A Day in the Life of a TEFL Teacher

My day usually starts at a leisurely 10 o’clock with a bowl of Rice Krispies and a quick scan of BBC News; it’s finally sunny in England, and a school in Essex has banned triangular flapjacks because apparently they’re dangerous when kids throw them at other kids’ faces. Oh England. Then I drag myself, still bleary eyed, to the gym and after a quick shower and lunch I get ready and set off for work.

I’m late leaving for work, as always. I run for the bus, as always. I politely laugh at the bus driver’s joke about me running for the bus, as always. Whilst my journey to work is pretty standard, you can guarantee that once I arrive at school no two days are the same. That’s one of the best things about this job. Tears, laughter, singing, shouting, and even the occasional nosebleed, you never know what the day holds in store.

Work starts at 1.30pm with an hour to prepare our lessons for the afternoon, which we usually put to good use discussing last night’s episode of The Walking Dead or our plans for the weekend (even on Mondays!). Before we know it the kids are pouring out of the elevator in a flurry of Pokemon cards and sweet wrappers. The bell rings and classes begin.

To start the day I have a class of 7 year olds and a Disney-themed textbook, not quite sure who enjoys it more to be honest. They have only been learning English for 6 months but they are doing really well. Except for one. The windowlicker. Seriously, I wish I was kidding, I walked into the classroom a few weeks ago to find him actually licking the windows. Moving on…

Now for science class with my 8 year olds. We used to study Geography, but this term we’re on Science, which is probably for the best after that little mix up with the Nile and the Amazon. Today we’re studying push and pull forces and how things move. Have a slight accident involving a choo choo train and one of the kids’ front teeth. He’s fine though. It was wobbly anyway.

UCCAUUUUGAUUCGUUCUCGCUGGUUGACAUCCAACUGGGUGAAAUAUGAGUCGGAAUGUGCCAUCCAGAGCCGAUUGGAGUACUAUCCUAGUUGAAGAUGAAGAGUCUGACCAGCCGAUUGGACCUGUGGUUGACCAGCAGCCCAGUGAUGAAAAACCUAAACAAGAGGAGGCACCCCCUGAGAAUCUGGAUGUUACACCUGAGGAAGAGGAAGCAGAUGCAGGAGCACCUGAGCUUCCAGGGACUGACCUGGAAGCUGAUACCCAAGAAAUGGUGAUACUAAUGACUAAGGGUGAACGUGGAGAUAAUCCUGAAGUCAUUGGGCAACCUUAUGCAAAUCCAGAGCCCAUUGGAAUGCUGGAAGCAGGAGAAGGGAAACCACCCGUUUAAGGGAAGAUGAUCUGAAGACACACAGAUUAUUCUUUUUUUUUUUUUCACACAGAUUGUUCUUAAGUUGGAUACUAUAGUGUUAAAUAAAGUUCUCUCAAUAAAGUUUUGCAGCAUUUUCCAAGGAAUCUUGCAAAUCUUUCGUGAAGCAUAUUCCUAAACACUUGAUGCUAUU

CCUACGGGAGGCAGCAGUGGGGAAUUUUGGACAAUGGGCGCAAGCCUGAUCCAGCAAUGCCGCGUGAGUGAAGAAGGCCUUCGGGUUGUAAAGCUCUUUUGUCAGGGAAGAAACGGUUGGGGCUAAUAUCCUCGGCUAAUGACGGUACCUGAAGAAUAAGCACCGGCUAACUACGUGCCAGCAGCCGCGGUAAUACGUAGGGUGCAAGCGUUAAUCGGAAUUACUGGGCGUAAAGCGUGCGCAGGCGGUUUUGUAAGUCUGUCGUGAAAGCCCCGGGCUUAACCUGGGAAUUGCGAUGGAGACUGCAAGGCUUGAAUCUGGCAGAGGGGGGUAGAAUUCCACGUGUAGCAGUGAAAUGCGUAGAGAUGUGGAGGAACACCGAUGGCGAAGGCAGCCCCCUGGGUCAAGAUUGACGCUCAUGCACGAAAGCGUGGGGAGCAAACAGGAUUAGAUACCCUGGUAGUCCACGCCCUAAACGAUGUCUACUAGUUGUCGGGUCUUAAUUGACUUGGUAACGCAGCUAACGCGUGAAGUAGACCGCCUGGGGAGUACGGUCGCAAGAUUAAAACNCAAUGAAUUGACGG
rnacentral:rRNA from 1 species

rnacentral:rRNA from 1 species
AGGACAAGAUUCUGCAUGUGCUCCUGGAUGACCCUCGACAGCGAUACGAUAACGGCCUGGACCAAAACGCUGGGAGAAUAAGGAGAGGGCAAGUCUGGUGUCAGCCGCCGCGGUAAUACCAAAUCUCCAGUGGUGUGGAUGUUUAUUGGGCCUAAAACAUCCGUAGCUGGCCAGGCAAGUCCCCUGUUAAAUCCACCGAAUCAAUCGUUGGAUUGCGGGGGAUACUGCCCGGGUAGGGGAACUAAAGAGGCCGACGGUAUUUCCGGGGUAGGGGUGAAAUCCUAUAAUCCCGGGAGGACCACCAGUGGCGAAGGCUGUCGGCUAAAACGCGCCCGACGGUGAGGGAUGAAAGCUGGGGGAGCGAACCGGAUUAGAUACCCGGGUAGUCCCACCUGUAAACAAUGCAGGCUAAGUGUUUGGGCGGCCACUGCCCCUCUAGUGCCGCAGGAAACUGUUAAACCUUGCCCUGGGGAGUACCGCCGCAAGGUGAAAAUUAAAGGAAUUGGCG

At 4 o’clock the first lot go home and the next influx of kids arrive. For me it’s my brand spanking new, so-cute-you-just-want-to-grab-their-cheeks-and-smush-them 5 year olds. They only started learning English 2 months ago so the lessons mostly revolve around practising the alphabet, singing Brown Bear and trips to the bathroom. While these classes can be quite challenging and require a lot of patience and mime skills, they are definitely the most fun and they are extremely rewarding. And did I mention how cute the kids are?

Half time nourishment arrives in the form of a box of Krispy Kremes and an orange juice. Korean parents are exceptionally generous and barely a week goes by without donuts, fruit, ice cream or coffee. Must do an extra 10 minutes in the gym tomorrow.

Next up are my favourites. I probably use that term too much but these are my favourite favourites. They’re 9 years old and they were my very first class when I arrived in Korea nearly 2 years ago. I walk in the classroom to lots of cuddles and after a thorough, sometimes brutal, evaluation of my hair and outfit choices of the day (fortunately it’s a thumbs up today!) we can get down to work.

Now it’s time for my class of five 14 year old middle school students. This is another of my favourite classes and I genuinely look forward to teaching them. They’ve been learning English for about 7 years and they’re really interested in Western culture, especially music, movies and Emma Stone. I’m barely through the door when they ask me if I’ve heard ‘the latest American song’ which turns out to be ‘Kiss Me’ by Sixpence None the Richer (released in 1997), before treating me to their best rendition.

My last class of the day is a torturous 50 minutes with a group of 16 year olds who are going through their quiet, moody stage and literally won’t even answer yes or no questions. Their attitude probably isn’t helped by the fact that this week we are studying the spread of deserts in Africa. Scintillating stuff. At 9 o’clock the bell goes, and not a moment too soon, and that’s it for another day. Home time!

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